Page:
The Anonymous People: Faces and Voices of Recovery

The similarities and differences between Faces and Voices of recovery and the twelve-step program are as follows. The voices and faces of recovery believe that we need to lift the stigma and negative terms associated with substance use -- change the language, for instance. For a long time, people and the media brought into view the stigma these terms create.

The media tended to exploit celebrities, and to focus only on the issues related to substance abuse. Overdoses, arrests, relationship problems, whatever the dirt, the media could dig it up, and they did. Recovery was not the focus of the media.

The negative associations to people recovering from substance use disorders, and the language used to refer to them, did nothing to help those in the recovery movement or the public. Terms like "junkie," "lush," and "bum" helped to perpetuate the stigma attached to substance use, many of whom used these terms to refer to themselves, feeding the shame and the guilt they were already trying to process in the twelve-step program of Alcoholics Anonymous. We continue to hear a lot of these terms today.

When looking at the disease as a moral issue, some thought the person had made an independent decision to become a substance user, or that they continued to use because they wanted to. The moral perspective and the war on drugs contributed to a lot of AA members shutting the doors on sharing their recovery stories in public. Because the public was afraid, incarcerations were high, and minorities were especially targeted. In the 1980s era "war on drugs," "just say no," and "be tough on drugs," the idea was to incarcerate the way out of a rise in drug trafficking and using. Unfortunately, African-American males were the most likely to be arrested and to be incarcerated. This continues to be reflected in our criminal justice system today. In 2011, there were 6.9 million people incarcerated.

A recovery program in the Richmond, Virginia city jail reduced the recidivism rate by 18%, saving the city $8,000,000. What could they have accomplished if these funds were redirected to the treatment of substance abuse and community resources for families.

In the halls of AA anonymity, it is especially important for newcomers to feel safe and to develop trust. However, the old-timers took anonymity to extremes that are still echoed in t
he halls today, where we can detect conflict between those who do not hold so tight to the old ideas and those who do, sharing nothing on the outside.

Tradition 11 of Alcoholics Anonymous suggests that the organization's relations with the general public should be characterized by personal anonymity, and the avoidance of sensational advertising. Names and photographs of AA members should not appear in the press, radio, or film. Public relations should be guided by the principle of attraction rather than promotion. As AA members, we should have no reason to praise ourselves, as we would rather allow our friends to recommend us.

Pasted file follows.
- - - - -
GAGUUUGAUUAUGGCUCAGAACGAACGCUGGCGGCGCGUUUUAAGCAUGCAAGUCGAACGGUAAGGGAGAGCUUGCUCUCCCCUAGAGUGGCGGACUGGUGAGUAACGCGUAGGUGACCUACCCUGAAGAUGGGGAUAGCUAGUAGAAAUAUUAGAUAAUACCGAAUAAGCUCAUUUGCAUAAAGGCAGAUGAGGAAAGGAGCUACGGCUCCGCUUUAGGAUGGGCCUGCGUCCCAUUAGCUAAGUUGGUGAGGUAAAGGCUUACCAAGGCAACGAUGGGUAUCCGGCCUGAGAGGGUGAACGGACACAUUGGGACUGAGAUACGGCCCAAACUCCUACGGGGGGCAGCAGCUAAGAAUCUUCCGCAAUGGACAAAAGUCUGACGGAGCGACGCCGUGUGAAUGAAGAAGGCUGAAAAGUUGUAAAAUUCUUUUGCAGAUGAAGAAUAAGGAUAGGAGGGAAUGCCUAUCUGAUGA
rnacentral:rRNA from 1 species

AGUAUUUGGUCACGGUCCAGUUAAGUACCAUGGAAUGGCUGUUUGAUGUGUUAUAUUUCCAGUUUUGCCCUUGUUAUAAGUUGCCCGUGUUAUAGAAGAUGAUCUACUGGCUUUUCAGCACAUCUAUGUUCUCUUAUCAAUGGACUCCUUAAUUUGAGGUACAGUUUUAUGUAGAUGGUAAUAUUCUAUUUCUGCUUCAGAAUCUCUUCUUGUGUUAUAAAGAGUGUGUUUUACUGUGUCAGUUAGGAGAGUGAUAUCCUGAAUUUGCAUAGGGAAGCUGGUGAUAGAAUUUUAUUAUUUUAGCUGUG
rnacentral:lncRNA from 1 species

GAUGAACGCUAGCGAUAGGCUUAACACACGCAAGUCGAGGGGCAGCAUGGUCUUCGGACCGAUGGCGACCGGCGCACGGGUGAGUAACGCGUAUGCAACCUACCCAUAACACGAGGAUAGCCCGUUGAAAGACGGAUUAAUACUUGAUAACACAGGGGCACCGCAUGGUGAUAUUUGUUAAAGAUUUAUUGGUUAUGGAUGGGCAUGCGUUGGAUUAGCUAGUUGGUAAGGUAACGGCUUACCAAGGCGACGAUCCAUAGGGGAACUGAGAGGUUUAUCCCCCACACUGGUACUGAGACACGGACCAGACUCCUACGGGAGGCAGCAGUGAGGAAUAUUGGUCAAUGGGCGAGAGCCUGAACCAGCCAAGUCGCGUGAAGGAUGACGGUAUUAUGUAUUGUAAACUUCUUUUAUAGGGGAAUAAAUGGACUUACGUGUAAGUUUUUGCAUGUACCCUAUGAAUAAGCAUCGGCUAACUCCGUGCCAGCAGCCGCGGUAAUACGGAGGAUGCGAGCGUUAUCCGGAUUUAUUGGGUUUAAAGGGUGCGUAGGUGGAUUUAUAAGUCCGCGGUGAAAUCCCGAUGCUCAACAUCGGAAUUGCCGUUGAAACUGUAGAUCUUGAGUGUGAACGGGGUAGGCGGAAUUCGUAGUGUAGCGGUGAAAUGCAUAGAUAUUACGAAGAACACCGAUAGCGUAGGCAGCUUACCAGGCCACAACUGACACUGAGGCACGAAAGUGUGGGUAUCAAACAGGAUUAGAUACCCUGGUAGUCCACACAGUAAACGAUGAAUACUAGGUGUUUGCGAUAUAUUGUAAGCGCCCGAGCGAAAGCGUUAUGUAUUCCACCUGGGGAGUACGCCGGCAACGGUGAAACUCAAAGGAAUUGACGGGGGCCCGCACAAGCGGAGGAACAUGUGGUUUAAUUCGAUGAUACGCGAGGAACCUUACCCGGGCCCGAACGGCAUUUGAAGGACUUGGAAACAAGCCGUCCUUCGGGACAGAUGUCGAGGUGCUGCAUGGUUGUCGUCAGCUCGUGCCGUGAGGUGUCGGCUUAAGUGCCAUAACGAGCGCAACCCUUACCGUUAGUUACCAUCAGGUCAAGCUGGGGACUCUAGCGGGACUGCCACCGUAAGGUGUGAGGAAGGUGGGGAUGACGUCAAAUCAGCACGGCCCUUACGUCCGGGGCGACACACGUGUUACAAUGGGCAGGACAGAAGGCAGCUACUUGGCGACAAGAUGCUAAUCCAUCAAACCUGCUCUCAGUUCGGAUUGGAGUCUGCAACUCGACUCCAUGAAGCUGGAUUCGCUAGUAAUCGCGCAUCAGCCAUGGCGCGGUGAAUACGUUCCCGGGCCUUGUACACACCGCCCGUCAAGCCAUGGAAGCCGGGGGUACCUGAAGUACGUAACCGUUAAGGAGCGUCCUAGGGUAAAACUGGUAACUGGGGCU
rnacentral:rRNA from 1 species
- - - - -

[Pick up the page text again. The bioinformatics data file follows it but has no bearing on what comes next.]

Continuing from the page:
Tradition 12 speaks of the immense spiritual significance behind the principle of anonymity, reminding us to place principles before personalities, and to practice genuine humility. To this end, our great blessings will never spoil us, and we may forever live in thankful contemplation of him who presides over us.

For too long, people have misconstrued the traditions of AA. These traditions are about humility, not shame and guilt. The voices of AA have been hidden too long, and hidden behind shame and guilt, all related to the negative stigma of substance use and the moral perspective of society.

The protection of anonymity could stem from the many times that people in recovery had a voice, and the times that they felt ashamed and unsafe, largely due to fears and stigmas attached to them by the government, the criminal justice system, the attitudes of moral society regarding addiction, the lack of education, and the demonization of substance users in the public eye. We need to understand substance use, in our cultures and in society as a whole. Recovery people are the largest group of unheard people, with two-thirds of American families being touched by it.

The Faces and Voices of Recovery want to change the stigmas that are attached to people in recovery. They want to change public perceptions, and the negativity in the language that recovery people speak. We must advocate for funding, and find ways to let Americans know that we do get well. We need to put a face on recovery because silence will kill. Stories have power. Bring the conversations out of the church basements and let people know how recovery works, and that it does work.

If people seeking recovery from substance use were treated as we do cancer patients, with increased funding, treatment, and a continuum of care, as well as community support, housing, health care, and mental health services, the outcomes would be much better. To throw an addict out on the streets with no supports in place could be certain death.

There are no recovery high schools in New York, but there are four in Boston that are showing good results. We also now have a collegiate recovery movement. The Voices and Faces of Recovery have made recovery visible. The maintenance of recovery is a valuable commodity. When recovery is initiated in treatment and continued in the community, the results will be seen in the communities. People should be proud of their recovery. It shouldn't be about regret and shame. Let go of your shame and guilt, and come forward.

— Suzanne Correiro